TITLE

Paired-Like Homeodomain Proteins Phox2a/Arix and Phox2b/NBPhox Have Similar Genetic Organization and Independently Regulate Dopamine �-Hydroxylase Gene Transcription

AUTHOR(S)
Adachi, Megumi; Browne, David; Lewis, Elaine J.
PUB. DATE
September 2000
SOURCE
DNA & Cell Biology;Sep2000, Vol. 19 Issue 9, p539
SOURCE TYPE
Academic Journal
DOC. TYPE
Article
ABSTRACT
The homeodomain transcription factors Arix/Phox2a and NBPhox/Phox2b play a role in the specification of the noradrenergic phenotype of central and peripheral neurons. To better understand the functions of these two factors, we have compared the genetic organization, chromosomal location, and transcriptional regulatory properties of Arix and NBPhox. The gene structure is very similar, with each gene containing three exons and two introns, extending a total of approximately 5 kb. Arix and NBPhox are unlinked in human and mouse genomes. NBPhox is located on human Chromosome 4p12 and mouse Chromosome 5, while Arix is located on human Chromosome 11q13 and mouse Chromosome 7. Both proteins bind to three sites in the promoter proximal region of the rat dopamine �-hydroxylase gene (DBH). In vitro, Arix and NBPhox form DNAindependent multimers and exhibit cooperative binding to the DB1 regulatory element, which contains two homeodomain recognition sites. Both proteins regulate transcription from the rat DBH promoter, and transcription is synergistically increased in the presence of the protein kinase A catalytic subunit (PKA) plus either Arix or NBPhox. The transcription factors exhibit similar concentration-dependent efficacies, and when they are coexpressed, transcription is stimulated to a value approximately equal to that seen with either factor alone. The N-terminal segment of Arix is essential for transcriptional regulatory activity, and this region bears 50% identity with NBPhox, suggesting a similar mechanism of transcriptional activation of the DBH gene. We conclude from this study that Arix and NBPhox exhibit indistinguishable and independent transcriptional regulatory properties on the DBH promoter.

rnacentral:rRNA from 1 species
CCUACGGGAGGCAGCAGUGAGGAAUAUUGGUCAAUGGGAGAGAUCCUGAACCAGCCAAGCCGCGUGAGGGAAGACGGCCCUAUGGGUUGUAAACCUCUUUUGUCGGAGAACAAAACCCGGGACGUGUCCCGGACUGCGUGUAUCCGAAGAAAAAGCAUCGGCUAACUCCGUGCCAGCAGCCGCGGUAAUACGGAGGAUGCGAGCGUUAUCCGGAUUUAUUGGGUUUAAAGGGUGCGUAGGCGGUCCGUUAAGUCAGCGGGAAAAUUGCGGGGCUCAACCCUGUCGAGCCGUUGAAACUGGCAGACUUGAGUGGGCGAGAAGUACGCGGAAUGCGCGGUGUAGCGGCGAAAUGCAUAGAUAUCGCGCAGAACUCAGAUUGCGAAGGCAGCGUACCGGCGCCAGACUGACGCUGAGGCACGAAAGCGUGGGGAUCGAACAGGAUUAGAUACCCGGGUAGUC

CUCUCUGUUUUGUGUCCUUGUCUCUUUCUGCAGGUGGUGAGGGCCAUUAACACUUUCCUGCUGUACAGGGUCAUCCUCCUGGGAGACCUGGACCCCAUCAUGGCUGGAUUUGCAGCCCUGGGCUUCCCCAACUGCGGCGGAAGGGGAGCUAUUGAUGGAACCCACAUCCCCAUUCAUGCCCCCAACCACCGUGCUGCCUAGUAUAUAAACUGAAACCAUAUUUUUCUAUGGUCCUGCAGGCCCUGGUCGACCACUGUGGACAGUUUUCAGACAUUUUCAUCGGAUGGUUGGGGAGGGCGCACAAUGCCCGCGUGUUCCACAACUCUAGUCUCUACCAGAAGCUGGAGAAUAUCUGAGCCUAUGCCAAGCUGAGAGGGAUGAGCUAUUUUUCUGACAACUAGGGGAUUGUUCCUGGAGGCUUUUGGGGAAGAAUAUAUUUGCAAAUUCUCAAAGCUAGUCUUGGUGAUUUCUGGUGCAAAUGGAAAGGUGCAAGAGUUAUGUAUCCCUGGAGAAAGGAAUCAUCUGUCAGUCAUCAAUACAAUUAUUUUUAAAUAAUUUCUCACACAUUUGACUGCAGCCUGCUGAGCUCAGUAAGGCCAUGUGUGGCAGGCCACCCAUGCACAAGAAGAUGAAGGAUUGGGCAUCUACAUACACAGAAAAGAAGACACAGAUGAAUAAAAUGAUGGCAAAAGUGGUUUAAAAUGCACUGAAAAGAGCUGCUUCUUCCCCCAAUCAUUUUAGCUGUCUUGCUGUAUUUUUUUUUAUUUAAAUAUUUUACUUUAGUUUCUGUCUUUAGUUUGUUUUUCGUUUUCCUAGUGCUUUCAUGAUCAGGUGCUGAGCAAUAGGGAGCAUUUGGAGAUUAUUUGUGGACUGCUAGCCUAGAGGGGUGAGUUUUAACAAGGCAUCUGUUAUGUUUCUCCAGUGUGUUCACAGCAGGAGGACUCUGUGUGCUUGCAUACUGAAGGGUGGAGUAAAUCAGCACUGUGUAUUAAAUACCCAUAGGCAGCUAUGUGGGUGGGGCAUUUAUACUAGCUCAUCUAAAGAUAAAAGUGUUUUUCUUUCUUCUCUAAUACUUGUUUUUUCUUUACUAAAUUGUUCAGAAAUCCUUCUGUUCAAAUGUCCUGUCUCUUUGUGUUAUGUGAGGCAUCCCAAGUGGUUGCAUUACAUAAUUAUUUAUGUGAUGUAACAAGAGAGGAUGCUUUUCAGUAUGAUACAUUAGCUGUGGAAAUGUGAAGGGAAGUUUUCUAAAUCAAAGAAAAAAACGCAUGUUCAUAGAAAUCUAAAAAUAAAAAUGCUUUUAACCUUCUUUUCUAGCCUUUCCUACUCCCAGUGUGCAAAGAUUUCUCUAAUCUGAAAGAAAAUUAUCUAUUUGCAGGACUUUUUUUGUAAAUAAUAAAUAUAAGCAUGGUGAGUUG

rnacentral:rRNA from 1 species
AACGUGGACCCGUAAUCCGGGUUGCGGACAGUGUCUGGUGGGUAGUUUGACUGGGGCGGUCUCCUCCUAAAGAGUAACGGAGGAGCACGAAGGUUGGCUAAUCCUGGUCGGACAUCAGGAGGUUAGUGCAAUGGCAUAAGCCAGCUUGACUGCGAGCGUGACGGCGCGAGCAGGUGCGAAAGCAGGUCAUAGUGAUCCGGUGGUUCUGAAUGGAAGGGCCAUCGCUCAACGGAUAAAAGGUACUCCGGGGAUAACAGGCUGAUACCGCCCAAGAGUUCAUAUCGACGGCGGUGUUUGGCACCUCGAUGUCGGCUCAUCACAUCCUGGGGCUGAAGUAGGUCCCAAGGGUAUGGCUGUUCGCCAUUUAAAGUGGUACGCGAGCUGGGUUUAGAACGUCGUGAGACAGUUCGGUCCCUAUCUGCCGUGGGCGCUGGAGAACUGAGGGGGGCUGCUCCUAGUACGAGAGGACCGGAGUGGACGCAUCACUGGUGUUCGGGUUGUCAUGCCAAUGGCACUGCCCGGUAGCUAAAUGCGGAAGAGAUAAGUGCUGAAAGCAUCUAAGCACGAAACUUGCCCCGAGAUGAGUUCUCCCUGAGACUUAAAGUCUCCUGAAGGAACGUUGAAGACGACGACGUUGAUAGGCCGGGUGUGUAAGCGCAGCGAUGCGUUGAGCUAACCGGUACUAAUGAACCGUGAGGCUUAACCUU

ACCESSION #
5322861

 

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